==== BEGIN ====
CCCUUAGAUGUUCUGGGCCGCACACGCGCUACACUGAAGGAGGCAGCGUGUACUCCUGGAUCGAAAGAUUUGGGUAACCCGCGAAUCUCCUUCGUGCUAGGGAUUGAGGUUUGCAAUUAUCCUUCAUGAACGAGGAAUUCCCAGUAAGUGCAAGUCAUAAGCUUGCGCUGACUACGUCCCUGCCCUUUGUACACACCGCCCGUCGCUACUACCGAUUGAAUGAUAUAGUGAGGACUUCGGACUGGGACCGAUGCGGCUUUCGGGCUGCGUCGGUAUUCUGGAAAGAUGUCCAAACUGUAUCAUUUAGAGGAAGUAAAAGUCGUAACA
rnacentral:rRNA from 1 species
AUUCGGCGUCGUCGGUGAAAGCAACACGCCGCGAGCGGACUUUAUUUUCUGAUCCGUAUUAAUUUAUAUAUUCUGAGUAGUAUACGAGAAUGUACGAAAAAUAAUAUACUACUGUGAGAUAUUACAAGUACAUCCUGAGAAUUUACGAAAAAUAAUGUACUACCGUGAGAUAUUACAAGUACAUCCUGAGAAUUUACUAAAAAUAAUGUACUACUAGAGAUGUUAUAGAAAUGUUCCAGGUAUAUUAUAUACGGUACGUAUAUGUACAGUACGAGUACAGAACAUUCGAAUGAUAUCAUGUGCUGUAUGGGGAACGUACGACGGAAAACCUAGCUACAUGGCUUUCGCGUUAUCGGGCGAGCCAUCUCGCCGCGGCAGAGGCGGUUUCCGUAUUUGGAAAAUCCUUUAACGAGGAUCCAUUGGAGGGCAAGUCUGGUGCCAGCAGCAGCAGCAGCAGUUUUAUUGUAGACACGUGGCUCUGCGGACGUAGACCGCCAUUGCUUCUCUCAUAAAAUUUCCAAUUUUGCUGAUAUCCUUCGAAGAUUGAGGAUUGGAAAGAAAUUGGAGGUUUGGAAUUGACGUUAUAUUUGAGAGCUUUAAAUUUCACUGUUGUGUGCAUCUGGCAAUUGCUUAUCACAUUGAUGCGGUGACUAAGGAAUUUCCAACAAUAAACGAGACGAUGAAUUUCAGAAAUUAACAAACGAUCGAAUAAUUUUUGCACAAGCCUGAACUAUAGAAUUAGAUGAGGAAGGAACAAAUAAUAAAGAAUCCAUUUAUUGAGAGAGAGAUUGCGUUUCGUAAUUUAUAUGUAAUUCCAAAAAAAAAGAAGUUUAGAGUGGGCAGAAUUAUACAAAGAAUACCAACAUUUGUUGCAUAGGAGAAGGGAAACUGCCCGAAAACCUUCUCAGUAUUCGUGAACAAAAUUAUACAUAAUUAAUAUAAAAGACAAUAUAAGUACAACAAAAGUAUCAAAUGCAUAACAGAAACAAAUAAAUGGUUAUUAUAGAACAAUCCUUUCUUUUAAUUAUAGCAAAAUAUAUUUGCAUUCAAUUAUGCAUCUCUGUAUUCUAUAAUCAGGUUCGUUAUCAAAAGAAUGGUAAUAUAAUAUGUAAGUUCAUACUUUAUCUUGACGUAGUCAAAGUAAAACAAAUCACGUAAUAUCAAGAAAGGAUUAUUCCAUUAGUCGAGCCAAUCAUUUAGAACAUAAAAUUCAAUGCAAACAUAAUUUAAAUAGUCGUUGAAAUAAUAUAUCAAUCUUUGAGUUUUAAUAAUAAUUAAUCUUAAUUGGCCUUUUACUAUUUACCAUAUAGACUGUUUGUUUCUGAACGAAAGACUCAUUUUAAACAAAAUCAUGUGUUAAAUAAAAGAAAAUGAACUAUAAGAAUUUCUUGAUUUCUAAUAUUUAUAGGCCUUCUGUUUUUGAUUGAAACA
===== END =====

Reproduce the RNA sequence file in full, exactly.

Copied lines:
CCCUUAGAUGUUCUGGGCCGCACACGCGCUACACUGAAGGAGGCAGCGUGUACUCCUGGAUCGAAAGAUUUGGGUAACCCGCGAAUCUCCUUCGUGCUAGGGAUUGAGGUUUGCAAUUAUCCUUCAUGAACGAGGAAUUCCCAGUAAGUGCAAGUCAUAAGCUUGCGCUGACUACGUCCCUGCCCUUUGUACACACCGCCCGUCGCUACUACCGAUUGAAUGAUAUAGUGAGGACUUCGGACUGGGACCGAUGCGGCUUUCGGGCUGCGUCGGUAUUCUGGAAAGAUGUCCAAACUGUAUCAUUUAGAGGAAGUAAAAGUCGUAACA
rnacentral:rRNA from 1 species
AUUCGGCGUCGUCGGUGAAAGCAACACGCCGCGAGCGGACUUUAUUUUCUGAUCCGUAUUAAUUUAUAUAUUCUGAGUAGUAUACGAGAAUGUACGAAAAAUAAUAUACUACUGUGAGAUAUUACAAGUACAUCCUGAGAAUUUACGAAAAAUAAUGUACUACCGUGAGAUAUUACAAGUACAUCCUGAGAAUUUACUAAAAAUAAUGUACUACUAGAGAUGUUAUAGAAAUGUUCCAGGUAUAUUAUAUACGGUACGUAUAUGUACAGUACGAGUACAGAACAUUCGAAUGAUAUCAUGUGCUGUAUGGGGAACGUACGACGGAAAACCUAGCUACAUGGCUUUCGCGUUAUCGGGCGAGCCAUCUCGCCGCGGCAGAGGCGGUUUCCGUAUUUGGAAAAUCCUUUAACGAGGAUCCAUUGGAGGGCAAGUCUGGUGCCAGCAGCAGCAGCAGCAGUUUUAUUGUAGACACGUGGCUCUGCGGACGUAGACCGCCAUUGCUUCUCUCAUAAAAUUUCCAAUUUUGCUGAUAUCCUUCGAAGAUUGAGGAUUGGAAAGAAAUUGGAGGUUUGGAAUUGACGUUAUAUUUGAGAGCUUUAAAUUUCACUGUUGUGUGCAUCUGGCAAUUGCUUAUCACAUUGAUGCGGUGACUAAGGAAUUUCCAACAAUAAACGAGACGAUGAAUUUCAGAAAUUAACAAACGAUCGAAUAAUUUUUGCACAAGCCUGAACUAUAGAAUUAGAUGAGGAAGGAACAAAUAAUAAAGAAUCCAUUUAUUGAGAGAGAGAUUGCGUUUCGUAAUUUAUAUGUAAUUCCAAAAAAAAAGAAGUUUAGAGUGGGCAGAAUUAUACAAAGAAUACCAACAUUUGUUGCAUAGGAGAAGGGAAACUGCCCGAAAACCUUCUCAGUAUUCGUGAACAAAAUUAUACAUAAUUAAUAUAAAAGACAAUAUAAGUACAACAAAAGUAUCAAAUGCAUAACAGAAACAAAUAAAUGGUUAUUAUAGAACAAUCCUUUCUUUUAAUUAUAGCAAAAUAUAUUUGCAUUCAAUUAUGCAUCUCUGUAUUCUAUAAUCAGGUUCGUUAUCAAAAGAAUGGUAAUAUAAUAUGUAAGUUCAUACUUUAUCUUGACGUAGUCAAAGUAAAACAAAUCACGUAAUAUCAAGAAAGGAUUAUUCCAUUAGUCGAGCCAAUCAUUUAGAACAUAAAAUUCAAUGCAAACAUAAUUUAAAUAGUCGUUGAAAUAAUAUAUCAAUCUUUGAGUUUUAAUAAUAAUUAAUCUUAAUUGGCCUUUUACUAUUUACCAUAUAGACUGUUUGUUUCUGAACGAAAGACUCAUUUUAAACAAAAUCAUGUGUUAAAUAAAAGAAAAUGAACUAUAAGAAUUUCUUGAUUUCUAAUAUUUAUAGGCCUUCUGUUUUUGAUUGAAACA